Microsoft investors call out company for alleged surveillance hypocrisy

Microsoft Logo at Ignite
Microsoft Logo at Ignite (Image credit: Windows Central)

What you need to know

  • Three shareholder proposals are calling on Microsoft to determine if its practices line up with its stated policies regarding surveillance.
  • One proposal demands a comprehensive report regarding if Microsoft's lobbying efforts line up with its actions.
  • Microsoft has previously said it would not sell facial recognition technology to police departments until federal laws were in place regulating them.

Microsoft investors are pushing the company to evaluate if its actions align with its stated commitments to human rights and racial injustice. Three shareholder proposals were filed this week, and all focus on privacy and surveillance technology. The Hill reviewed and shared insights from each of the three proposals.

The first proposal was filed by Harrington Investments, a firm that focuses on social issues. It calls on Microsoft to "generally prohibit" sales of facial recognition technology. It also asks Microsoft to disclose any exceptions to the rule.

Previously, Microsoft said that it would not sell facial recognition technology to police departments until there are federal laws in place regulating the technology.

Surveillance tech's present issues

Surface Hub 4k cam

Source: Daniel Rubino / Windows Central (Image credit: Source: Daniel Rubino / Windows Central)

One of the concerns regarding facial recognition technology is that most systems have "demographic differentials," which can have lower accuracy due to people's age, gender, or race.

In 2019, Jason Ward wrote a piece for us breaking down racial biases and the immaturity of AI technology used for facial recognition.

The technology and liberty project manager of the ACLU of Washington, Jennifer Lee, told The Hill that "if Microsoft is truly committed to protecting our democratic freedoms and standing for racial justice, it must permanently divest from selling facial recognition technology to all government entities, including law enforcement."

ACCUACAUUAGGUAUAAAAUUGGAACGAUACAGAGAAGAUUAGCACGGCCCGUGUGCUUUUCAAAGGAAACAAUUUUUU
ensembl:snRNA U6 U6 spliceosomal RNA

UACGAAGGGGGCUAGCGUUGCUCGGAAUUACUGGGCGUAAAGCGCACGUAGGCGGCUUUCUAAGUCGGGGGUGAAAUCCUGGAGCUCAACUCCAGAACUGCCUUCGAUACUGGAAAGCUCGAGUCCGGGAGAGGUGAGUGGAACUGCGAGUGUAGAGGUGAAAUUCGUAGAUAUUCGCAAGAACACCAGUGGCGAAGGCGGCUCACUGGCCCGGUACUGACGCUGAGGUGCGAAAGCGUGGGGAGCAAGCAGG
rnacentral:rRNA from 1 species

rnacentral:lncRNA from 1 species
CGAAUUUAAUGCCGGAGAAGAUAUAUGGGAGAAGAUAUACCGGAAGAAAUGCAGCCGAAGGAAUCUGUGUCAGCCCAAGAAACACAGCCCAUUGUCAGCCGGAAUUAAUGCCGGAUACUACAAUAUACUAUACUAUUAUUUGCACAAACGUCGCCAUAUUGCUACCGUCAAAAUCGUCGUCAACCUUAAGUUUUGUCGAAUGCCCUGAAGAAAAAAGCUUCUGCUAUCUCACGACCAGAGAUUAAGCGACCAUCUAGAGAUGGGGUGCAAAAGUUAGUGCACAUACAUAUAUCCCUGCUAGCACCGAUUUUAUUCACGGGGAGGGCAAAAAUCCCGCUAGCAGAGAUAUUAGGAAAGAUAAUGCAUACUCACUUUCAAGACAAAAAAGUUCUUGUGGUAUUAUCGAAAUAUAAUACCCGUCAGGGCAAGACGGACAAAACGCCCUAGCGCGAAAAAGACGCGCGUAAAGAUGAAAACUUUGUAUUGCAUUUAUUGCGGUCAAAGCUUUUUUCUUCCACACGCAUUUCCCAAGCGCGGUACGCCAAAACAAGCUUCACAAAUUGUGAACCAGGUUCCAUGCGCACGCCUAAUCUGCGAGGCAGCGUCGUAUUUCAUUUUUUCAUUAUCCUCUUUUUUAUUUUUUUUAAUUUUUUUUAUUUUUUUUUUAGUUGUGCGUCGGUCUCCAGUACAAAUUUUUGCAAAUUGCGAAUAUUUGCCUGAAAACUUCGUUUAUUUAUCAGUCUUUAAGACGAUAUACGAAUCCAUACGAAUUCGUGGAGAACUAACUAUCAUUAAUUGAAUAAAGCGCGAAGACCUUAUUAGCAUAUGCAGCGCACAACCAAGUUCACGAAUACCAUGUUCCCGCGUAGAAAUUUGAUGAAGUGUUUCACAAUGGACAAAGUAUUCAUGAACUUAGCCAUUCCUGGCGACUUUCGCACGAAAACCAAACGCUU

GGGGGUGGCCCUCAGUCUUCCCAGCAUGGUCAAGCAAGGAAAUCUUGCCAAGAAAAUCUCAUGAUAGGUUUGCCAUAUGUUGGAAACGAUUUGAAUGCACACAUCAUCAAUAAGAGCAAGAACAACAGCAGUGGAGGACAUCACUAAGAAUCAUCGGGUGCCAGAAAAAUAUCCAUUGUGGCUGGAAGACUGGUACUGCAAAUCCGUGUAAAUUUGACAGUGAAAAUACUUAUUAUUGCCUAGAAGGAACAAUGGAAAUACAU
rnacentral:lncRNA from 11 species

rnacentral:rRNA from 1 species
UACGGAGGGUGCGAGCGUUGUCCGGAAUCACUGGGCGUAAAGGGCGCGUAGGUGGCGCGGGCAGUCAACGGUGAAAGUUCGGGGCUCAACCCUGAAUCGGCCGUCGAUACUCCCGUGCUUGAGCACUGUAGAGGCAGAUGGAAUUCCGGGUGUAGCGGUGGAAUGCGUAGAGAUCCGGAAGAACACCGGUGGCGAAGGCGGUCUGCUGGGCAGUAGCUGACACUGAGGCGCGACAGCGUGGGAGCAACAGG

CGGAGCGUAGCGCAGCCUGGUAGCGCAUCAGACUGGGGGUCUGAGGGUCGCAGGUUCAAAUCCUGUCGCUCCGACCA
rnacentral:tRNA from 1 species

The second shareholder proposal comes from the sisters of Religious of the Sacred Heart of Mary. It calls for a report on if Microsoft lives up to its own human rights commitments.

The proposal points to Microsoft contracts with the New York Police Department, ICE, and the military that appear to conflict with Microsoft's stated commitments.

The NYPD's Domain Awareness Systems (DAS) uses cameras, radiological sensors, and automatic license plate readers for surveillance. Microsoft partners with the NYPD on the DAS.

Albert Fox Cahn, executive director of the Surveillance Technology Oversight Project, discussed Microsoft's partnership with the NYPD to The Hill.

"For years, Microsoft has partnered with the NYPD to sell the [DAS], which is likely the single most invasive surveillance system in the country," Cahn said. "Microsoft can't claim to take the moral high ground on surveillance when it is selling the software that is used to track millions and undermine civil rights."

The same proposal also highlights Microsoft Azure contracts with ICE.

Calling for accountability

The Visitor's Center at Microsoft Headquarters campus is pictured July 17, 2014 in Redmond, Washington.

Source: Stephen Brashear/Getty Images for Microsoft (Image credit: Source: Stephen Brashear/Getty Images for Microsoft)

The last proposal is led by the Congregation of the Sisters of St. Joseph of Peace. It calls for a report from Microsoft on how the company's lobbying efforts line up with its public stances.

Microsoft suspended PAC donations to members of Congress who voted against the certification of electors back in February. That decision was made after several Microsoft employees called out Microsoft President Brad Smith.

The proposal from the Congregation of the Sisters of St. Joseph of Peace points to the fact that Microsoft supported several state-level privacy bills that appear to go against Microsoft's stated policies. It also highlights that Microsoft lobbied against a bill that would limit or ban the use of facial recognition technology by governments.

Microsoft did not respond to a request for comment from The Hill.

The next shareholders meeting for Microsoft is in December, though the proposals could be addressed before then.

Sean Endicott
News Writer and apps editor

Sean Endicott brings nearly a decade of experience covering Microsoft and Windows news to Windows Central. He joined our team in 2017 as an app reviewer and now heads up our day-to-day news coverage. If you have a news tip or an app to review, hit him up at